Wilson et al v. Prime Source Healthcare Of Ohio, Inc et al
Opinion & Order signed by Judge James S. Gwin on 4/10/18. The Court orders defendants to pay plaintiffs' attorney's fees totaling $21,867.50. (Related Doc. 287 ) (D,MA)
UNITED STATES DISTRICT COURT
NORTHERN DISTRICT OF OHIO
-----------------------------------------------------HENRIETTA WILSON, et al.,
PRIME SOURCE HEALTHCARE
OF OHIO, et al.,
CASE NO. 1:16-cv-1298
OPINION & ORDER
[Resolving Doc. 287]
-----------------------------------------------------JAMES S. GWIN, UNITED STATES DISTRICT JUDGE:
The Court previously granted Plaintiffs’ attorney’s fees relating to litigating the
enforcement of the settlement.1 Plaintiffs have filed an accounting of their attorney’s fees and
request $37,457.75 for their attorneys’ time.2 Defendants object, arguing that Plaintiffs’ attorneys
are entitled to only $3,747 in fees.3 The Court finds that both parties are incorrect. For the reasons
below, the Court ORDERS Defendants to pay $21,867.50 in Plaintiffs’ attorney’s fees.
Defendants argue that: (1) Plaintiffs’ fee calculation uses rates that are far higher than those
representative of the Cleveland legal market; (2) Plaintiffs’ attorneys attempt to receive fees for
work unrelated to the motion to enforce; and (3) Plaintiffs’ attorneys rounded up their actual time
spent to the nearest tenth of an hour, resulting in approximately eight hours of overbilling.
As the Sixth Circuit has explained, a reasonable hourly rate is “the market rate in the venue
sufficient to encourage competent representation.”4 Defendants are correct that Plaintiffs’ rates
are unrepresentative of the Cleveland legal market. Attorney Spitz’s and Attorney Wido’s claimed
See Doc. 286 at 8-9.
Gonter v. Hunt Valve Co., 510 F.3d 610, 618 (6th Cir. 2007).
Case No. 1:16-cv-1298
rates of $550 and $325 per hour, respectively, would place them above the 75th percentile (and, in
many cases, above the 95th percentile) of attorney rates in almost every relevant category listed in
The Economics of Law Practice in Ohio in 2013.5 While this motion to enforce the settlement did
involve some atypical and potentially complex issues, it was not so complex or legally novel that
it merits such high rates. Indeed, as Plaintiffs have helpfully pointed out, they have recently
litigated a similar motion to enforce in a previous case.6
As such, the Court will set Attorney Spitz’s rate at $350 per hour and Attorney Wido’s rate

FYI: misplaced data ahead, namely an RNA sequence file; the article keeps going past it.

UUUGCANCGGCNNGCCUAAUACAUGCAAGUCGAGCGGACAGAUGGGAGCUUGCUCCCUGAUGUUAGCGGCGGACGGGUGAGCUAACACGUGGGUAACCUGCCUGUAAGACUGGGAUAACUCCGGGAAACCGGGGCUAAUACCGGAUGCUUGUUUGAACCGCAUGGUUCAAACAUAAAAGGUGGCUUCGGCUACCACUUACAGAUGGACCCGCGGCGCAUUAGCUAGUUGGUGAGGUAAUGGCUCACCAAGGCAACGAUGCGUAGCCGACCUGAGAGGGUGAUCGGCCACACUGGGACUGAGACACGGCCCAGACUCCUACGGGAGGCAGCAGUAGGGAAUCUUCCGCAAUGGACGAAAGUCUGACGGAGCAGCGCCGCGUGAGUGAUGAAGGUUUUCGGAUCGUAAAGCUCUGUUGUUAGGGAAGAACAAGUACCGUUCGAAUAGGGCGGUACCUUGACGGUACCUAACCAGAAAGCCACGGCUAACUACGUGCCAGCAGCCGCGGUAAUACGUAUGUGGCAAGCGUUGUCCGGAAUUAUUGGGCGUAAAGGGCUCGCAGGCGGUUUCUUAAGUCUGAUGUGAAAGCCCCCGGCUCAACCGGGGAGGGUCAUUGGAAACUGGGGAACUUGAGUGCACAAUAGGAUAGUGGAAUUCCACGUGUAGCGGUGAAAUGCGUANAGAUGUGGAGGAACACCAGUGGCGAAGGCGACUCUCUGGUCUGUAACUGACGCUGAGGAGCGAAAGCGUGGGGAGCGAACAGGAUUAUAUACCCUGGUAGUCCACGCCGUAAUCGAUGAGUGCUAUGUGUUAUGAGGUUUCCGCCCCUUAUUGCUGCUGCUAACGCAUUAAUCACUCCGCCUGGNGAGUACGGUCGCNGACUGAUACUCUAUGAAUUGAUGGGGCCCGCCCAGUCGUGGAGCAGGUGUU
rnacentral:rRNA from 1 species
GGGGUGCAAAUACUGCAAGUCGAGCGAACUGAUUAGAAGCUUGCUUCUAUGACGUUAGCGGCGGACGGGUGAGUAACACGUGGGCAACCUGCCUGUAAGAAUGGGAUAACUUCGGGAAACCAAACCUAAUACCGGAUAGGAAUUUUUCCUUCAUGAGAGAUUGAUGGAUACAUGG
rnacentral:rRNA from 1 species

at $275 per hour. These rates reflect the 75th percentile rates listed in The Economics of Law
Practice in Ohio in 2013 for Attorney Spitz’s and Attorney Wido’s years of practice, 7 plus an
increase to reflect inflation, their success, and the case’s complexity.8
Defendants next argue that Plaintiffs attempt to receive fees for work unrelated to the
motion to enforce. They are partially correct. Plaintiffs’ attorneys submitted fee request appears
to include all of the work done on this case from the August 2, 2017 final pre-trial conference,
when the parties initially settled, to the present. But, Plaintiffs’ attorneys obviously could not have
worked on the motion to enforce settlement before the Defendants breached the settlement
The Court has previously found that, absent Defendants’ attempts to impermissibly modify
the settlement, the parties would have finalized the settlement by October 17, 2017.9 The Court
See Ohio State Bar Ass’n, The Economics of Law Practice in Ohio in 2013 39-40 (2013). Although currently five
years old, this survey is the most recent comprehensive survey of law practice economics in Ohio. Neither party has
suggested that it is unrepresentative of the current legal market.
See Doc. 290-3.
See Ohio State Bar Ass’n, supra note 5, at 39.
Specifically, in addition to their motion to enforce, Plaintiffs had to litigate related issues regarding the settlement’s
confidentiality provision and Defendants’ Sixth Circuit appeal, which Defendants voluntarily dismissed. See
generally Doc. 286.
Id. at 8.
Case No. 1:16-cv-1298
will therefore award Plaintiffs’ attorney’s fees only for their work performed after October 17,
Defendants’ argument that the Court should further limit this fee award to time entries
explicitly referencing the motion to enforce is not well taken. All of Plaintiffs’ attorneys’ listed
work on this case between October 17, 2017 and the present occurred solely because of
Defendants’ unwillingness to finalize the settlement. Plaintiffs are entitled to attorney’s fees for
Defendants do not challenge the reasonableness of any particular billing entry or of the
total number of hours billed. However, Defendants argue that Plaintiffs’ attorneys impermissibly
billed in tenth of an hour increments even when a particular task took less than a tenth of an hour.
This argument plainly fails. Courts have routinely found that billing in tenth of an hour increments
is standard, and even quarter-hour billing is not per se unreasonable.10 This Court agrees with that
To conclude, the Court finds that Plaintiffs’ attorneys are entitled to their fees incurred
after October 17, 2017 at a rate of $275 per hour for Attorney Wido and $350 per hour for Attorney
Spitz. Based on the Court’s review of Plaintiffs’ attorneys’ billing records, the Court ORDERS
Defendants to pay Plaintiffs’ attorney’s fees totaling $21,867.50.11
IT IS SO ORDERED
Dated: April 10, 2018
James S. Gwin
JAMES S. GWIN
UNITED STATES DISTRICT JUDGE
See Yellowbrook Inc. v. Brandeberry, 708 F.3d 837, 849 (6th Cir. 2013).
Attorney Spitz billed approximately 40.4 hours in relevant work after October 17, 2017, while Attorney Wido
billed approximately 28.1 hours. (40.4*350) + (28.1*275) = 21,867.50. See Doc. 287-1.
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